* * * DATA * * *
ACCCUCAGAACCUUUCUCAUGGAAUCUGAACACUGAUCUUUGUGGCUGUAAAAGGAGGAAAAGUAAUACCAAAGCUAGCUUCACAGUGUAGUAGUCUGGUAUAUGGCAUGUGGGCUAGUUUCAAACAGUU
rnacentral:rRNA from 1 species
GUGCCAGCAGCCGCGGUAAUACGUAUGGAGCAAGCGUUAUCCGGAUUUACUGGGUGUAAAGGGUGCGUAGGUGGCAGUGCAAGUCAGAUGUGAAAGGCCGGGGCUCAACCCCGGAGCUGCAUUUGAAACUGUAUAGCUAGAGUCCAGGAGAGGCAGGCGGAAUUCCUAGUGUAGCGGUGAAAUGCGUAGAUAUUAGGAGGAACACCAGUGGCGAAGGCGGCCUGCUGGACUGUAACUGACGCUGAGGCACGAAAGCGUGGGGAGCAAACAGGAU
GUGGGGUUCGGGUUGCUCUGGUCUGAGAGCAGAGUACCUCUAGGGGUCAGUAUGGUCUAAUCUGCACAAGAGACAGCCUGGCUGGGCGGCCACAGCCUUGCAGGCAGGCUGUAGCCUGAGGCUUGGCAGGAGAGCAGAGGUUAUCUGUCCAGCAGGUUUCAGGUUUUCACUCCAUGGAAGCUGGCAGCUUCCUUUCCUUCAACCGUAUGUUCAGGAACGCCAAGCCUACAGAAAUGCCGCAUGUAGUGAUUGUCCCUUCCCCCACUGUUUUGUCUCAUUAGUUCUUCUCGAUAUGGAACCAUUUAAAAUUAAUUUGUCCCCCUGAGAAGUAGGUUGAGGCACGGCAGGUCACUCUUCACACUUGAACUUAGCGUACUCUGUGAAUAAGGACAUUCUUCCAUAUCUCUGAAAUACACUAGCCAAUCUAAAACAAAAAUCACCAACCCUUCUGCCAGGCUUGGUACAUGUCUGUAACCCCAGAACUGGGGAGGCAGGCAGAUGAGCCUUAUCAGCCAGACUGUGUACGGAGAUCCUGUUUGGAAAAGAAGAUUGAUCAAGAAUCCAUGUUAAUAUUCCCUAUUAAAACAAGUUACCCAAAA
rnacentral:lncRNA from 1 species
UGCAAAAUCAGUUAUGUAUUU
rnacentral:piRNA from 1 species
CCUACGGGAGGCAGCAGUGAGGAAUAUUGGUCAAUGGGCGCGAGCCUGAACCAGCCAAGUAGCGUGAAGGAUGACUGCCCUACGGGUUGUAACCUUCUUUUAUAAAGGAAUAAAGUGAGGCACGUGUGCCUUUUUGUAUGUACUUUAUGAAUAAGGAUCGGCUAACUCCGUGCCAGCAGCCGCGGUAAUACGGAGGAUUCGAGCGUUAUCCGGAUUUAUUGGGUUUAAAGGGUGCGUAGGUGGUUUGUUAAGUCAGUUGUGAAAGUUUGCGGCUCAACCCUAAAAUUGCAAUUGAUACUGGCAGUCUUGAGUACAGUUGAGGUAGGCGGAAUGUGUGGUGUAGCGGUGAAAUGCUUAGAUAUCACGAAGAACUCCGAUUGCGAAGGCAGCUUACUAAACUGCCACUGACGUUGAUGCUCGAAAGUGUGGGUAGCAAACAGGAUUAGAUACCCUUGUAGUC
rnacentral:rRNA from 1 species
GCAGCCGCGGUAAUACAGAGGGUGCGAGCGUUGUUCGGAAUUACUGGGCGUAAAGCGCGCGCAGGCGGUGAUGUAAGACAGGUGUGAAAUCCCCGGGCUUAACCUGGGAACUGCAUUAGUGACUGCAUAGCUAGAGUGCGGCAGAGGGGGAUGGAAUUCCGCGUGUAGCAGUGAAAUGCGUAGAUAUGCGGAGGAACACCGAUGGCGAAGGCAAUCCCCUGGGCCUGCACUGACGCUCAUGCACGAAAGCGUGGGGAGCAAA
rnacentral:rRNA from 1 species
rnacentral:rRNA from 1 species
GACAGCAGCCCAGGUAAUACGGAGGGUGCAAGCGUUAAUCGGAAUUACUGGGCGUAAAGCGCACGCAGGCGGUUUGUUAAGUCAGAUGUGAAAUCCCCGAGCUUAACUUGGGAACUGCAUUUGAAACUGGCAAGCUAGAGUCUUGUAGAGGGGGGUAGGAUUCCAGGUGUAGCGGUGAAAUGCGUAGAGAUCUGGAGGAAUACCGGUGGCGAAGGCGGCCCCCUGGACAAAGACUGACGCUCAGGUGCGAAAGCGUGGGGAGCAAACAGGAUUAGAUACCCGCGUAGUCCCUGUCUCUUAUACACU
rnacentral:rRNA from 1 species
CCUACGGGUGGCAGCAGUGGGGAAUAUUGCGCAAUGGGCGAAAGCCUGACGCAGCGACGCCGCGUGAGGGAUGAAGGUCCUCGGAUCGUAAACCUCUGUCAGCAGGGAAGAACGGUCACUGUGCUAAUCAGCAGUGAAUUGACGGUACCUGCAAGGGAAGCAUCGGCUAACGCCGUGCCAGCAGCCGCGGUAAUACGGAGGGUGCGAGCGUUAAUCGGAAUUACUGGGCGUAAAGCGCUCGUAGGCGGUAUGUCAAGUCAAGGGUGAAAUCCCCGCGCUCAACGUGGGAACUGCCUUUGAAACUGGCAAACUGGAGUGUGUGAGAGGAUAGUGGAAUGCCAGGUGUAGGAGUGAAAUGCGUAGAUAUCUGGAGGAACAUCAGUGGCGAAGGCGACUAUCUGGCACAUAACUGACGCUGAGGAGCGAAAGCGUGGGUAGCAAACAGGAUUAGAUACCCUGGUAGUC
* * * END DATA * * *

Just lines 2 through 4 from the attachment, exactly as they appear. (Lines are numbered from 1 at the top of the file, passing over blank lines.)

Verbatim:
rnacentral:rRNA from 1 species
GUGCCAGCAGCCGCGGUAAUACGUAUGGAGCAAGCGUUAUCCGGAUUUACUGGGUGUAAAGGGUGCGUAGGUGGCAGUGCAAGUCAGAUGUGAAAGGCCGGGGCUCAACCCCGGAGCUGCAUUUGAAACUGUAUAGCUAGAGUCCAGGAGAGGCAGGCGGAAUUCCUAGUGUAGCGGUGAAAUGCGUAGAUAUUAGGAGGAACACCAGUGGCGAAGGCGGCCUGCUGGACUGUAACUGACGCUGAGGCACGAAAGCGUGGGGAGCAAACAGGAU
GUGGGGUUCGGGUUGCUCUGGUCUGAGAGCAGAGUACCUCUAGGGGUCAGUAUGGUCUAAUCUGCACAAGAGACAGCCUGGCUGGGCGGCCACAGCCUUGCAGGCAGGCUGUAGCCUGAGGCUUGGCAGGAGAGCAGAGGUUAUCUGUCCAGCAGGUUUCAGGUUUUCACUCCAUGGAAGCUGGCAGCUUCCUUUCCUUCAACCGUAUGUUCAGGAACGCCAAGCCUACAGAAAUGCCGCAUGUAGUGAUUGUCCCUUCCCCCACUGUUUUGUCUCAUUAGUUCUUCUCGAUAUGGAACCAUUUAAAAUUAAUUUGUCCCCCUGAGAAGUAGGUUGAGGCACGGCAGGUCACUCUUCACACUUGAACUUAGCGUACUCUGUGAAUAAGGACAUUCUUCCAUAUCUCUGAAAUACACUAGCCAAUCUAAAACAAAAAUCACCAACCCUUCUGCCAGGCUUGGUACAUGUCUGUAACCCCAGAACUGGGGAGGCAGGCAGAUGAGCCUUAUCAGCCAGACUGUGUACGGAGAUCCUGUUUGGAAAAGAAGAUUGAUCAAGAAUCCAUGUUAAUAUUCCCUAUUAAAACAAGUUACCCAAAA